Crap filters are fashionable today, but actual auto-improving photos is a long way away.

          Digital photography (and film before that) has gone through cycles of evolution that remain constant. That is to say that consumers graduate. They learn and they want to do better. The number of people using what was considered pro-tools for niche use is increasing and has been for a long time. The tools themselves are getting more sophisticated, but people are learning them.

          ” If a human being can recognize these things as errors to be fixed then sufficiently developed camera software can too, and without human intervention or even awareness.”

          I have a photo with my two brothers, Tim and Tom. Remove Tim. You can’t, because you don’t know which one is Tim, and neither can a one-click button. Worse than that though, a one-click button can’t clearly define where Tim begins and ends, nor exactly what color Tom should be or whether those specks are dust or stars that you want in the photo. I could go on and on here…

          The gap between one-click crap filters and prosumer-level tools is much greater than you realize and the number of people wanting to improve their photos beyond one-click crap filtering is growing and will always grow as people graduate from the experience of simple one-clicking.

          Don’t believe me… fine, but there’s a reason why RAW exists and why Apple itself believes its existence is so vital that of what little information they’ve provided about, one thing they’ve been clear about is that it will support RAW.

          RAW is the exact opposite of one-click filtering.

  3. I will be happy as long as never again have to physically plug my iPhone into my Mac to move photos to it. That is rapidly becoming dinosaur and I don’t want to deal with the hassle. I just want to open the Photos app on my Mac and be able to access every photo I’ve taken, archive the ones that I want to keep, and delete any ones that I don’t need to have on my phone or iPad any more.


    1. And I am different in that I want them primarily on my Mac. If you have any significant number of pictures and have them catalogued in any way that makes sense, then its too many for an iOS device.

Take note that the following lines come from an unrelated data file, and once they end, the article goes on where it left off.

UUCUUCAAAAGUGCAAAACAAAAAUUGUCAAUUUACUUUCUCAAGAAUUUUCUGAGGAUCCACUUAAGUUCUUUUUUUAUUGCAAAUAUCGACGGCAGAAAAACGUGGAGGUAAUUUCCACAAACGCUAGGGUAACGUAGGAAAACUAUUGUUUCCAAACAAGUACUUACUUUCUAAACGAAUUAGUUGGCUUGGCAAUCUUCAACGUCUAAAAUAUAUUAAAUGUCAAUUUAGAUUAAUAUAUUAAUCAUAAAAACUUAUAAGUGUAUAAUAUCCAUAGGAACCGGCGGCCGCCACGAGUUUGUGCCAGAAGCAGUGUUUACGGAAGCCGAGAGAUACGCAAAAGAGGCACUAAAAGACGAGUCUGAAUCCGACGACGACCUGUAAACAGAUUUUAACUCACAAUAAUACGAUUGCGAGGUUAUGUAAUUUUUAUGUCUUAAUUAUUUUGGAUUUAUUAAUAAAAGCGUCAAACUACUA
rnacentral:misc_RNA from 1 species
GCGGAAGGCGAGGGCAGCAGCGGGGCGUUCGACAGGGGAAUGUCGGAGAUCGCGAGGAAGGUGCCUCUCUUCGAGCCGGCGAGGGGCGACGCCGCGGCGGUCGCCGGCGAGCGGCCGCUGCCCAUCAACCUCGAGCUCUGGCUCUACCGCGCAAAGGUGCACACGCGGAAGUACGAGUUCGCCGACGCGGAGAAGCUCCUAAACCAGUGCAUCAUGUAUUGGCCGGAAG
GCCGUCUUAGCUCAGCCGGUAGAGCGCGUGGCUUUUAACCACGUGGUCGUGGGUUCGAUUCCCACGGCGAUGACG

I am a control freak and proud of it. I want a “master” machine that controls the content of all the others, and that will always be the Mac.

      The problem that I have now with any cloud app is that you spend more time stopping the damn thing from resynchng everything to all devices. That’s my huge irritation with iCloud. Love Apple, but they and their systems always operate as if they “know better” Wrong. I am the user and I want an easy way to control where my content is and when its done. Period (although I guess thats a meaningless word these days)

  4. I really REALLY hate the whole cloud concept being pushed on us.
    I selectively use the cloud (Evernote, Dropbox), but I do NOT want my photos up there. Sheesh – when you can buy a 3TB external drive for a couple hundred bucks now, I fail to see the problem with local storage.
    But my main concerns are that accessing photos from the cloud is SLOW, and uploading is wayyy slower. Not everyone has cheap, fast internet access, and virtually all of us here in Australia have data caps.
    So I go on a shoot with my 15 MPixel DSLR and pop off say 200 shots (a very lean shoot, that). But at approx 25MB per shot, that is 5GB right there. So apart from taking forever to upload (hours) I’ve also blown my monthly data cap od 2GB on my 3G connection. If I do it at home, where I have 100GB per month counting both up and downloads, once I start doing any half serious post-production editing, waiting for every upload and download, I’ve blown my cap again.
    No thanks – no photos in the cloud for this little black duck!

    1. Exactly! And the same goes for anything that involves streaming, like music. I have neither the data allowance, nor anything like a fast, ubiquitous data network available anywhere that would allow me to access music or photos at any time I wanted.
      For example, if I was in my local pub, and wanted to show someone a photo I’d recently taken, it would be impossible if I relied on the cloud, as there is no network available, not even for phone calls.
      When I can connect to a high-speed data network anywhere in the UK, with unlimited data allowance, then this sort of technology might be worth having.